Clubs fear at World Rugby's 'nuclear option' for new season

Clubs fear massive financial losses if World Rugby takes ‘nuclear option’ for new season as players like Owen Farrell share concerns over welfare

  • Debate over how rugby should restart after the coronavirus is still raging 
  • World Rugby want to push through with a two-month Test window from October
  • However, they have been warned clubs could suffer huge financial damage 
  • Players have also raised concerns over stars’ welfare, including Owen Farrell  

World Rugby have been warned that clubs could lose hundreds of millions of pounds in revenue if they take the ‘nuclear’ option of forcing through their global season.

The sport’s power brokers are eager to push through a new two-month Test window in October and November, but their plans have been met with resistance from the clubs.

English clubs want to continue with separate Test windows in July and November, whilst leading players including Owen Farrell have also expressed fears about welfare.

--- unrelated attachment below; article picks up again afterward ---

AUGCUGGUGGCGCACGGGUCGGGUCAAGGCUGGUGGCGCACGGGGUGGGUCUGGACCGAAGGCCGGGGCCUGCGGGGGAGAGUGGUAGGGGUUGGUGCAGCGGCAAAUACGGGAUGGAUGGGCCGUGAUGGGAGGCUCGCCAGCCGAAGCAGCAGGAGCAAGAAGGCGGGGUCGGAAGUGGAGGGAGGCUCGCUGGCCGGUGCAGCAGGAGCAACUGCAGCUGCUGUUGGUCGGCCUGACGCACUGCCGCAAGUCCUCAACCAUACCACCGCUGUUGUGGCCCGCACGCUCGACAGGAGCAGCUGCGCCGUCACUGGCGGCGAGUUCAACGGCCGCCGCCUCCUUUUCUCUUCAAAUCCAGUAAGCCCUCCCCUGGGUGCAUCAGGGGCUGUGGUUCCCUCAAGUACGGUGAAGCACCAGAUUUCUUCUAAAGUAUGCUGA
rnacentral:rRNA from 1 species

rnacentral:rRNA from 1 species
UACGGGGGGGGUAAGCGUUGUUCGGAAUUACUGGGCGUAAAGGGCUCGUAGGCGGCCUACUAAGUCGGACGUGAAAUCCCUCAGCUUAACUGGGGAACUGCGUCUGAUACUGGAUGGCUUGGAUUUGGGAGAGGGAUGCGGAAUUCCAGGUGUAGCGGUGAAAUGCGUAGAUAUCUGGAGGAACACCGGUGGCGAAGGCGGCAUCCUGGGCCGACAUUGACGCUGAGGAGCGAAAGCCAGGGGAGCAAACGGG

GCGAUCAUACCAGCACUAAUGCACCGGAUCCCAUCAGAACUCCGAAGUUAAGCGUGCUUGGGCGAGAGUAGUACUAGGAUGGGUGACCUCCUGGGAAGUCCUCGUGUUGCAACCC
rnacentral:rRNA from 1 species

Rugby clubs could lose hundreds of millions of pounds if the season is forced through 

A number of top players including England captain Owen Farrell have raised concerns 

The latest proposed club season starts in December and ends in July — meaning clubs have no rugby for four months — and has sparked concerns about a crash in broadcast and sponsorship deals. 

‘No one has shown us how an October/November window combined is beneficial for the whole game,’ European Professional Club Rugby (EPCR) chairman Simon Halliday told The Mail on Sunday. 

‘A July/November window would be entirely acceptable to allow the European club game to prosper and avoid losing hundreds of million in revenue.’

Complications surrounding the rugby restart are mounting as unions and clubs clash 

Tension is increasing between clubs and unions. Clubs feel players will need a rest after a two-month autumn Test window, but RFU CEO Bill Sweeney told the Virtual Rugby Show it would ‘kick-start the club calendar by raising awareness of the game.’

Rugby’s powerbrokers are trying to eliminate overlaps between club and Test fixtures, but clubs feel they have not been given due consideration and Premiership Rugby are understood to have formed an alliance with their French counterparts.

‘The clubs will not be shoehorned into a position they do not agree to,’ said a source. ‘Pushing this through against their will, and without fully exploring things, would be nuclear. If World Rugby don’t combine the windows they will most likely have a deal.’  

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